Immigration & Naturalization Law

Venezuela TPS (Temporary Protected Status)

Temporary Protected Status (TPS) is a program that protects people who are in the United States and who come from certain countries considered dangerous. The U.S. announced temporary protection status for nationals of Venezuela who have resided in the U.S. to stay in the country for additional time.

Immigration law in the U.S. can be complicated and always changing. An experienced immigration attorney can help you understand your legal rights and options for immigration protections for people coming from Venezuela.

Temporary Protection Status for Venezuela

People covered by Temporary Protected Status (TPS) can legally live and work in the U.S. without the threat of deportation for the duration of the TPS status for their home country. In March 2021, under the Biden administration, Alejandro Mayorkas, the Secretary of Homeland Security, added Venezuela to the list of countries with Temporary Protected Status for individuals residing in the U.S. The reason for TPS was that there were extraordinary conditions that prevented the safe return of Venezuelans to their country. In January 2021, deferred enforced departure (DED) was granted to Venezuelans, claiming that the regime of Venezuelan President Nicolás Maduro was responsible for a humanitarian crisis.

How Long is the TPS for Venezuela?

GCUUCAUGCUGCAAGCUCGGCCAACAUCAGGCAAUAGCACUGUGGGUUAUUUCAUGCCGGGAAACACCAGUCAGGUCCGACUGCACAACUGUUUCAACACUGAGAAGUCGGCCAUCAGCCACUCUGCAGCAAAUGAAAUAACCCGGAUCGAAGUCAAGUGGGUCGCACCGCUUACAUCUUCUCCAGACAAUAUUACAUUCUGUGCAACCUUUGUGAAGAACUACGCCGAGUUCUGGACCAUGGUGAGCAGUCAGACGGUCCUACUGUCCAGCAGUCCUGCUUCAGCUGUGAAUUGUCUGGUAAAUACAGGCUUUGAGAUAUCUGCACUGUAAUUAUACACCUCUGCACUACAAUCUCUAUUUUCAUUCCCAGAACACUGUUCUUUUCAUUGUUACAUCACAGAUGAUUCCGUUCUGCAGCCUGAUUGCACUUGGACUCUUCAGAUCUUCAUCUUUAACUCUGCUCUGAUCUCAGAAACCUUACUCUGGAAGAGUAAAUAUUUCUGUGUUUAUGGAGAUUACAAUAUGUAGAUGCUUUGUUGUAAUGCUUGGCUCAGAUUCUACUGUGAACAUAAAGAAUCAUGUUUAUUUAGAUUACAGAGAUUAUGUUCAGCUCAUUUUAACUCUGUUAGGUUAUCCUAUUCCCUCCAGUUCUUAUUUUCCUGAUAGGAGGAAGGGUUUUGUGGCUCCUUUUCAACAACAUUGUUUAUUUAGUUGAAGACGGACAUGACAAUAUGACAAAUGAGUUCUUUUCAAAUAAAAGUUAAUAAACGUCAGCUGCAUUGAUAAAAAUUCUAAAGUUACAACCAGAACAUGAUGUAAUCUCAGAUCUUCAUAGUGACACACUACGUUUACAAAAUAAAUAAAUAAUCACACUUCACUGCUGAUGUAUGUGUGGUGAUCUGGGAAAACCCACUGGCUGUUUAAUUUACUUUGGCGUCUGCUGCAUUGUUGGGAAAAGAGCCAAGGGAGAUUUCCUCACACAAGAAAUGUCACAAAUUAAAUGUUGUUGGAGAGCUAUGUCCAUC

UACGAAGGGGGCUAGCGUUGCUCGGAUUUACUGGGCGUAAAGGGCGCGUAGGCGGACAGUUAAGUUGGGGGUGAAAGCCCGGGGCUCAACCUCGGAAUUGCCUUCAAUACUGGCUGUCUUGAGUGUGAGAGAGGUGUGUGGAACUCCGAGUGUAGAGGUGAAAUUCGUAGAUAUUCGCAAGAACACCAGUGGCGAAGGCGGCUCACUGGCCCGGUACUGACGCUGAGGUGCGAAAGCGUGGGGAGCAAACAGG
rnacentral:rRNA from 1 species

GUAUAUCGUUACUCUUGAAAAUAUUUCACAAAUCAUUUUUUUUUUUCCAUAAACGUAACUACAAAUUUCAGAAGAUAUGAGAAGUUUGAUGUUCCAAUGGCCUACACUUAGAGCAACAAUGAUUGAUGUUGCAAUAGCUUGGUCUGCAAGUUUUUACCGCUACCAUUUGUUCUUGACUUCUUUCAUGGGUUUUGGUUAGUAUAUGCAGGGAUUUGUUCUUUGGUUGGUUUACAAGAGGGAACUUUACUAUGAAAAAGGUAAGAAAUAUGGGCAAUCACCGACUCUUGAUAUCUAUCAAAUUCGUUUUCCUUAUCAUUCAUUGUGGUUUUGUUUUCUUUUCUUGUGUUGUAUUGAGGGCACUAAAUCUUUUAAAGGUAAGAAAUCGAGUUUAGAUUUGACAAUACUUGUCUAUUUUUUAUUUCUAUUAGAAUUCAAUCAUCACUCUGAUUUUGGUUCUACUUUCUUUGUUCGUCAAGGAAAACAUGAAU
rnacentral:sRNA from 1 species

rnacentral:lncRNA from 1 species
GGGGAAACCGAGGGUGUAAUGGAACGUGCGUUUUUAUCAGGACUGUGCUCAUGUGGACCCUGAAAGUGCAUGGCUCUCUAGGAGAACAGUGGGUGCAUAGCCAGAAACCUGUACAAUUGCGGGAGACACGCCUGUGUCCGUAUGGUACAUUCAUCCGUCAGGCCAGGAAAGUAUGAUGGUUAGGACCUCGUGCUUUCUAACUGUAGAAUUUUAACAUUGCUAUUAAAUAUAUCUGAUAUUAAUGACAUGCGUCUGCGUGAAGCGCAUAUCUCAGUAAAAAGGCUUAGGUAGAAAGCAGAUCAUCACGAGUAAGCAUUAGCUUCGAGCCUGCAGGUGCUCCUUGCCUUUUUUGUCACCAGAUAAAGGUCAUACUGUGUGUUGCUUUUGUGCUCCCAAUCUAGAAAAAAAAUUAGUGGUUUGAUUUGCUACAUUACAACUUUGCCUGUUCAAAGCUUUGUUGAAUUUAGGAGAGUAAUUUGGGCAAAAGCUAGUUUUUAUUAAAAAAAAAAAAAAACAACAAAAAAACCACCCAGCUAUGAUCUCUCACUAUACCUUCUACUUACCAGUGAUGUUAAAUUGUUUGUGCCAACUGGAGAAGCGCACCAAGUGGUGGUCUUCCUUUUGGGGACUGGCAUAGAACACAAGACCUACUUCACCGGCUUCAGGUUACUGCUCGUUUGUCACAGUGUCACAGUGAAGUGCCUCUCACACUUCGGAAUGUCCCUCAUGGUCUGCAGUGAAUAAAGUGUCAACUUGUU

The TPS program for Venezuela was initially in effect until September 9, 2022. On September 8, 2022, the U.S. Citizenship and Immigration Services (USCIS), Department of Homeland Security (DHS) announced an 18-month extension for the designation of Venezuela for TPS, effective September 10, 2022, through March 10, 2024. The TPS protections will last until this date, but the extension of TPS can be renewed. Check the federal register notice web page for updates on any renewals or changes.

Do I Automatically Qualify for TPS If I Am Venezuelan?

No. There are additional eligibility requirements to qualify for TPS, even if you are from Venezuela or a designated country, including:

  • Venezuelan national who last lived habitually in Venezuela;
  • Continuous residence in the United States since March 8, 2021; and
  • Continuous physical presence in the United States since March 9, 2021.

Additionally, you may be ineligible for protected immigration status if you do not qualify because of criminal offenses or human rights violations. If you meet these requirements, you must register with USCIS. If you have questions about qualifying for protected status, talk to an immigration attorney about your options.

When Should I Register for TPS?

The period for Venezuelan nationals to register for TPS runs from March 9 to September 5, 2021. If you do not register before that date, you can still apply. However, you must include a letter explaining why you did not submit your request by the deadline.

TPS beneficiaries who have already registered and want to extend their status must re-register. The TPS re-registration period runs from September 8, 2022, through November 7, 2022. Failure to re-register can result in a gap in your Employment Authorization Documents (EADs). After re-registering, USCIS will issue new EADs with a March 10, 2024, expiration date under Venezuela’s TPS designation.